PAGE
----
Shows & Panels
- The 2014 Big Picture on Cyber Security
- AFCEA Answers
- Ask the CIO
- Connected Government
- Consolidating Mission-critical Systems
- Constituent Servicing
- Continuous Monitoring: Tools and Techniques for Trustworthy Government IT
- The Data Privacy Imperative: Safeguarding Sensitive Data
- Eliminating the Pitfalls: Steps to Virtualization in Government
- Federal Executive Forum
- Federal Tech Talk
- Government Cloud Brokerage: Who, What, When, Where, Why?
- Government Mobility
- Mission-critical Apps in the Cloud
- Mobile Device Management
- The Modern Federal Threat Landscape
- The Path from Legacy Systems
- Understanding the Intersection of Customer Service and Security in the Cloud
Shows & Panels
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Audits find contract security personnel, which make up the vast majority of the Federal Protective Service's workforce, receive no meaningful training on how to deal with armed attackers. And many operators of X-ray machines and metal detectors at building entrances likely have never been trained to properly use them.
A new Government Accountability Office report says the Federal Protective Service isn't doing enough to safeguard more than 9,000 federal buildings.
While the Telework Enhancement Act of 2010 required agencies to include telework policies in their continuity of operation plans, GAO found agencies lack a definition of what "inclusion" means.
Eric Patterson, director of the Federal Protective Service, said at a recent hearing that reworking the agency's current reform programs will help to improve past issues of training, communication and security.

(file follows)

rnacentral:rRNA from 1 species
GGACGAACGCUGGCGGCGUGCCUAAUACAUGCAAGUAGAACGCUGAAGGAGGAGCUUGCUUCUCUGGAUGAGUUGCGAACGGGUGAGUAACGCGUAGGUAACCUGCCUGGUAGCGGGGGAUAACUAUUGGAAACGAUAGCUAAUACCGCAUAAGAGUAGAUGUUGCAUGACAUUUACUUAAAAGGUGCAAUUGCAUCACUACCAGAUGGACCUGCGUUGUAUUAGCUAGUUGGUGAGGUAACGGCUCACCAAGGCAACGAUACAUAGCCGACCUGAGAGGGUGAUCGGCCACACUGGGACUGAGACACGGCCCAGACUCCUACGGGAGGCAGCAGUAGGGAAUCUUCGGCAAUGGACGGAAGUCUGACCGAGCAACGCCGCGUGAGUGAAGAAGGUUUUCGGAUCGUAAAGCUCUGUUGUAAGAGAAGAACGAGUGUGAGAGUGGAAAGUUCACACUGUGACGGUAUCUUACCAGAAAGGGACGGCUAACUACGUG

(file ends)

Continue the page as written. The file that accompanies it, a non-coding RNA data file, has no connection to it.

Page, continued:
Wendell Shingler of the Adfero Group discusses improving the FPS's ability to protect 9,000 federal buildings.
Are changes coming to the federal protective service? We'll hear from Mississippi representative Bennie Thompson who says that change MUST happen, and soon.
In light of the shootings in Arizona, Federal News Radio wants to know how safe feds feel at their workplace.
All federal buildings owned or managed by GSA will have their walls adorned with posters and signs with a message from DHS. We get details from GSA's Larry Melton.
Reform is on the way for the FPS, an agency responsible for security at over 9,000 federal facilities and courthouses. AFGE's David Wright says the move is very welcome for his members.
Eight reports to Congress over the last six years have pointed out numerous shortcomings in the Federal Protective Service. The issues include inadequate training and supervision of contract guards, insufficient staff and budget, and security breaches that have allowed bomb-making materials to be smuggled into supposedly secure buildings. Now, lawmakers say enough is enough, and have introduced legislation designed to modernize and reform the FPS, which is responsible for security in 9,000 federal buildings and courthouses.
Among other issues, the GAO finds Facility Security Committees have operated since 1995 without procedures that outline how they should operate or make decisions, or that establish accountability. Mark Goldstein, Director of Physical Infrastructure Issues at GAO has more details.
GAO officials told a House Homeland Security Committee on Wednesday that FPS has repeatedly failed to manage its contract workforce and should consider other approaches to protecting federal buildings. Rep. Bennie Thompson joins us with details.